4. Don’t sweat the small stuff. We’ve had 16 cats in 17 years—never more than nine at one time. Many passes, especially when we adopt them as adults. Our first cats, unfortunately, are the ones we learned from. They would do things, and we would punish them getting SO upset. Once we lost them, we realized how stupid we were being. Some scratched furniture here and there? Who cares? It’s things—the things do not give unconditional love and trust.

3. Keep your mouth shut when you snore. My husband snores while sleeping on his back—LOUDLY. Stewart, the one-eyed cat, did not appreciate it—he sat on Mike’s mouth while he snored. Mike freaked out in the middle of the night. I’ve never laughed so hard in my entire life!

2. Understand your place in life. We do not own our cats—we are their servants. We want it that way! They bring us joy and happiness. I’ve had a very good reason not to trust many people in my life—I’ve dealt with abuse as a child and in a first marriage. I’ve worked with many teens who have experienced horrific trauma. Not all people are bad—but animals love unconditionally.

1. Advocate for those without a voice. I learned this lesson the hard way when my 13-year-old diabetic cat was taken to a vet we typically don’t see, and she recommended we take him to the vet ER. We did; they kept him, and everything in us said not to let them. They kept him four days, and he died of a blood clot. None of that had to happen. We trusted those with an education that we didn’t have—but our hearts told us differently. Maybe he would have died anyway—but he would have at home—we spent close to 13 years loving and spoiling him, and he had diabetes for six of those years. We never left overnight to be sure he got his insulin twice a day. Because we didn’t advocate for him, he suffered for it. Trust your instincts and be willing to live with consequences.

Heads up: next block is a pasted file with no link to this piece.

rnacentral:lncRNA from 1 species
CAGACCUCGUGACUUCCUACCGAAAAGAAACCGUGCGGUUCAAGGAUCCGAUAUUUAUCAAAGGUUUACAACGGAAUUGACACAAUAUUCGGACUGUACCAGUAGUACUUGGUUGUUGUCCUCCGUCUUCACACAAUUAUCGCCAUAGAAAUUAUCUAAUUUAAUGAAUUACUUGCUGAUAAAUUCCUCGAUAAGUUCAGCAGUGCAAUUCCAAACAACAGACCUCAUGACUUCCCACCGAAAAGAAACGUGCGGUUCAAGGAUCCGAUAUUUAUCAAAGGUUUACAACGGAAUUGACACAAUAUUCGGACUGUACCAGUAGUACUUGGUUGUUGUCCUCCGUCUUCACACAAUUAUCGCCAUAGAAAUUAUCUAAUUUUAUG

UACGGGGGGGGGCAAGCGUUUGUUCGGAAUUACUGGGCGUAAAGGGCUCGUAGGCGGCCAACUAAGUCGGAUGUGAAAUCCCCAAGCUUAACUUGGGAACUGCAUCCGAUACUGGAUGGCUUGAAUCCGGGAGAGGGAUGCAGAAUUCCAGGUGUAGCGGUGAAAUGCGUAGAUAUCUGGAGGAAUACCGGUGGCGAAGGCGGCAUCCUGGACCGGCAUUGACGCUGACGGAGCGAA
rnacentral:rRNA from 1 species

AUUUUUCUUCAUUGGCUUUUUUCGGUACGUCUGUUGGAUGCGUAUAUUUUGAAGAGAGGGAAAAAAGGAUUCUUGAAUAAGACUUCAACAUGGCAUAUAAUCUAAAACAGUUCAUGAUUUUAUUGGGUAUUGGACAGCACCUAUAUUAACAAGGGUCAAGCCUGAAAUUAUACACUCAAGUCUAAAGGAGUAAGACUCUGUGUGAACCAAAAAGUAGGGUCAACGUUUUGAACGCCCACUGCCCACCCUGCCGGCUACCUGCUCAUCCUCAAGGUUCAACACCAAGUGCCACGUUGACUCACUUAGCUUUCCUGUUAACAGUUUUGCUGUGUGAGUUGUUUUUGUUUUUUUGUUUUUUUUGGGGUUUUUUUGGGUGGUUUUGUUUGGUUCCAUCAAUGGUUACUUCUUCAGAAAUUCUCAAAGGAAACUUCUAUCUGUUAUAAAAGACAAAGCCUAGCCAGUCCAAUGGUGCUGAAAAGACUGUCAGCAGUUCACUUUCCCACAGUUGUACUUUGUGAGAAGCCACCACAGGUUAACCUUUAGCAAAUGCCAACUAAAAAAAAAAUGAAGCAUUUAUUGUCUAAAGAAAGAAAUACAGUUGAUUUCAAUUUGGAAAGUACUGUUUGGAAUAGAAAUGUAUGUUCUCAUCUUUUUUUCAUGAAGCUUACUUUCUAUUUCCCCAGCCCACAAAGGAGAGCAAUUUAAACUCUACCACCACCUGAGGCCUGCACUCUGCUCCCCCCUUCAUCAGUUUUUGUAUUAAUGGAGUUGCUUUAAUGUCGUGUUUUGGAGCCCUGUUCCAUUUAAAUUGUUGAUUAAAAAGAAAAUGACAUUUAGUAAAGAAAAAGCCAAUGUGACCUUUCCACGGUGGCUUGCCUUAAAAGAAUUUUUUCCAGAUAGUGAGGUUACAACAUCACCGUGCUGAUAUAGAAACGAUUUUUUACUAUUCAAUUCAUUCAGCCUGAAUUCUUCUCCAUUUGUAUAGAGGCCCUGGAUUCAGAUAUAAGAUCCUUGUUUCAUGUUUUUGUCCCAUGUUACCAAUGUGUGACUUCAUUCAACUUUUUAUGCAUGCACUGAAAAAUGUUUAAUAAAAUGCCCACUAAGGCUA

Blurb

Welcome to Leavensport, Ohio where DEATH takes a delicious turn!

Financial fraud of elderly villagers in Leavensport, an urban sprawl threat to the community, disastrous dates, cross-sell marketing gone wrong, and another murder? Jolie Tucker is ready to try dating again. Well, she has no choice—since her family auctioned her off to the highest bidder. Her best friend, Ava, has agreed to a double date, but both friends find out hidden secrets about their partners as well as deception by one of the village’s own, who will soon be found dead. This plot is sure to be spicy!

Buy Links

Amazon | All other e-platforms

Author Bio

Moving into her second decade working in education, Jodi Rath has decided to begin a life of crime in her The Cast Iron Skillet Mystery Series. Her passion for both mysteries and education led her to combine the two to create her business MYS ED, where she splits her time between working as an adjunct for Ohio teachers and creating mischief in her fictional writing. She currently resides in a small, cozy village in Ohio with her husband and her nine cats.